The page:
When it comes to my Tout Wars Mixed Auction league, FAAB might as well be renamed CLAB, as speculative closers have routinely dominated the proceedings. Being that there’s a finite supply of saves and guessing right can result in immediate points gained in the standings, this is totally understandable. On the other hand, guessing wrong could put you at a serious FAAB (or CLAB) disadvantage for the remainder of the season. Anyway, just out of curiosity, I reviewed the archives. And I wasn’t surprised by what I found. The five most expensive purchases so far in 2014 have been closers, or more accurately, relievers who would receive an opportunity to pitch in the ninth inning and would maybe hold onto the job long-term. Maybe. In hindsight of course, let’s grade these pickups.
1. Joe Smith (Purchased for $50 by Paul Singman on 4/28)
Isn’t vickrey bidding fun? Even though Paul actually placed a bid of $86 for Smith’s services, he likely did not expect to shell out 50 bucks. At the time, it did seem like Smith had a decent chance of holding onto the Angels’ closer job for awhile, but all Paul got from his pricey investment was four saves. Ernesto Frieri is now back to closing full-time and Smith is back on the waiver wire. Look, there’s value in four saves, but 50 FAAB dollars worth of value? Not quite.
2. Francisco Rodriguez (Purchased for $34 by Cory Schwartz on 4/7)
34 FAAB bucks is a lot to spend on any one player, but in the case of K-Rod, it’s been well worth it, as Cory has been rewarded with 19 saves to go along with a 2.30 ERA and 0.93 WHIP. Heading into the season, Rodriguez was completely off the mixed league radar, but Jim Henderson’s spring training struggles resulted in K-Rod receiving the save chance on opening day, and it’s pretty safe to say that barring injury, he will hang onto the job for the rest of the year. Oh, and Henderson has been sidelined for more than a month with a shoulder injury.
3. Jenrry Mejia (Purchased for $25 by Nando DiFino on 5/19)
Mejia certainly has the stuff to be a quality big league closer, but after getting off to a strong start in his new role, his ERA in June is 11.25. To make matters worse, he’s now dealing with a back injury. The good news is that the injury isn’t considered serious, and it’s not like the Mets have many other appealing ninth inning options. Plus, Nando has already gotten five saves from Jenrry. That’s one more save than Singman received from Joe Smith, at half the price.
4. Ronald Belisario (Purchased for $24 by David Gonos on 5/26)
You’re probably better off not watching Belisario pitch these days. Trust me, you don’t need the added stress. But he has converted each of his last three save chances, tossing a perfect inning in two of those appearances. Belisario is clearly Robin Ventura’s preferred option to handle stopper duties, and he could very well get on a roll and remain the closer for the rest of the season. As of now, however, his leash isn’t long, and I wouldn’t be surprised if this eventually turns into a committee situation involving Belisario, Daniel Webb and Jake Petricka. And for fantasy owners, there are few phrases more irritating than “closer by committee.”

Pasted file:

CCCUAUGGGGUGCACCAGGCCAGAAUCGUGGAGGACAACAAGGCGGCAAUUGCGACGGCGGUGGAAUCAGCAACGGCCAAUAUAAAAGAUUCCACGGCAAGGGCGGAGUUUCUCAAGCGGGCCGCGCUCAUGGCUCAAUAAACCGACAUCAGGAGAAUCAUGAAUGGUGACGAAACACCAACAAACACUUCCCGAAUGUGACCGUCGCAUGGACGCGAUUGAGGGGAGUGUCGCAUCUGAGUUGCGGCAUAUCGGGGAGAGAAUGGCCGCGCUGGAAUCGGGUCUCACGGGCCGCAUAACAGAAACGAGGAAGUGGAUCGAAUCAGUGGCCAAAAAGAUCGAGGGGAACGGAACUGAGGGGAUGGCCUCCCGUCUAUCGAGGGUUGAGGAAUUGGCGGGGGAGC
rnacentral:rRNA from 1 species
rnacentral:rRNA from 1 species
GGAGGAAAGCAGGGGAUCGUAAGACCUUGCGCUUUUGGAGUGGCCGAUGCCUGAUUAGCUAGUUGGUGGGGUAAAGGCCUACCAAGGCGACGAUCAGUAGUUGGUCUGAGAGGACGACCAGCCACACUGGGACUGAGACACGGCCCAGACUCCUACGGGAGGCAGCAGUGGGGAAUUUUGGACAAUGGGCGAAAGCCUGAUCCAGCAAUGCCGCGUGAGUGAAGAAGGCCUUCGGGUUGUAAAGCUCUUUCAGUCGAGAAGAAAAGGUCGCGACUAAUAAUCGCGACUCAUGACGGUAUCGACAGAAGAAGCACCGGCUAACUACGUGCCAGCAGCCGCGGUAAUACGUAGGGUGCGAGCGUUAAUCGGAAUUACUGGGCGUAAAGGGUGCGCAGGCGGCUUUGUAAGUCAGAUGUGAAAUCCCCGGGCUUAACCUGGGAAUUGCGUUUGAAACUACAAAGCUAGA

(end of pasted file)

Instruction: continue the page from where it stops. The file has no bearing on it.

5. Zach Britton (Purchased for $22 by Scott Pianowski on 5/19)
On May 9th, Tommy Hunter picked up his 11th save in 12 chances and sported a 3.29 ERA. Less than a week later, he was out as the Orioles closer, and Britton has taken full advantage since notching his first career save on May 15th, converting seven of his eight save opportunities while allowing just one run over 14 1/3 innings. Not too long ago, Britton was a high-end starting pitching prospect, but he could never quite figure things out at the big league level. Moving to the bullpen seems to have done the trick. He should continue to be a reliable source of saves the rest of the way. Factoring in the prices, a case could be made that Britton was an even better pickup than K-Rod, but Rodriguez’s extensive track record does count for something.
Sure, not properly addressing saves on draft day is a mistake that can be remedied to a degree during the season through FAAB. But as this balanced grade distribution suggests, there’s plenty of luck involved. All we can do is make the best decision possible using the information we are given at the time.
So, to my fellow Tout Mixed Auction owners, please don’t take these grades too seriously.